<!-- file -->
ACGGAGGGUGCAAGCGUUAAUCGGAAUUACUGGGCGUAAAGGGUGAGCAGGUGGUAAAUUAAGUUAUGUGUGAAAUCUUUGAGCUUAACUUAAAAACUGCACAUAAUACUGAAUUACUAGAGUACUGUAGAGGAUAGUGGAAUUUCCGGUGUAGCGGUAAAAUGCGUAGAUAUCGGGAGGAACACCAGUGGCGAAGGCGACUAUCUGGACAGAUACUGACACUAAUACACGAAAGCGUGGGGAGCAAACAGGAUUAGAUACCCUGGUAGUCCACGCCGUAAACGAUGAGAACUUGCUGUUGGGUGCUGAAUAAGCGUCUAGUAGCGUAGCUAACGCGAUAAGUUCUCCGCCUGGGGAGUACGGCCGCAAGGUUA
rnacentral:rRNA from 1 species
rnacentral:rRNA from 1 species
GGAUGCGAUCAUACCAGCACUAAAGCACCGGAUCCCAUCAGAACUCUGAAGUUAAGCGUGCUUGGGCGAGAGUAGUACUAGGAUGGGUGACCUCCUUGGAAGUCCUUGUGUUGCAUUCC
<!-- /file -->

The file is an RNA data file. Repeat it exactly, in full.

ACGGAGGGUGCAAGCGUUAAUCGGAAUUACUGGGCGUAAAGGGUGAGCAGGUGGUAAAUUAAGUUAUGUGUGAAAUCUUUGAGCUUAACUUAAAAACUGCACAUAAUACUGAAUUACUAGAGUACUGUAGAGGAUAGUGGAAUUUCCGGUGUAGCGGUAAAAUGCGUAGAUAUCGGGAGGAACACCAGUGGCGAAGGCGACUAUCUGGACAGAUACUGACACUAAUACACGAAAGCGUGGGGAGCAAACAGGAUUAGAUACCCUGGUAGUCCACGCCGUAAACGAUGAGAACUUGCUGUUGGGUGCUGAAUAAGCGUCUAGUAGCGUAGCUAACGCGAUAAGUUCUCCGCCUGGGGAGUACGGCCGCAAGGUUA
rnacentral:rRNA from 1 species
rnacentral:rRNA from 1 species
GGAUGCGAUCAUACCAGCACUAAAGCACCGGAUCCCAUCAGAACUCUGAAGUUAAGCGUGCUUGGGCGAGAGUAGUACUAGGAUGGGUGACCUCCUUGGAAGUCCUUGUGUUGCAUUCC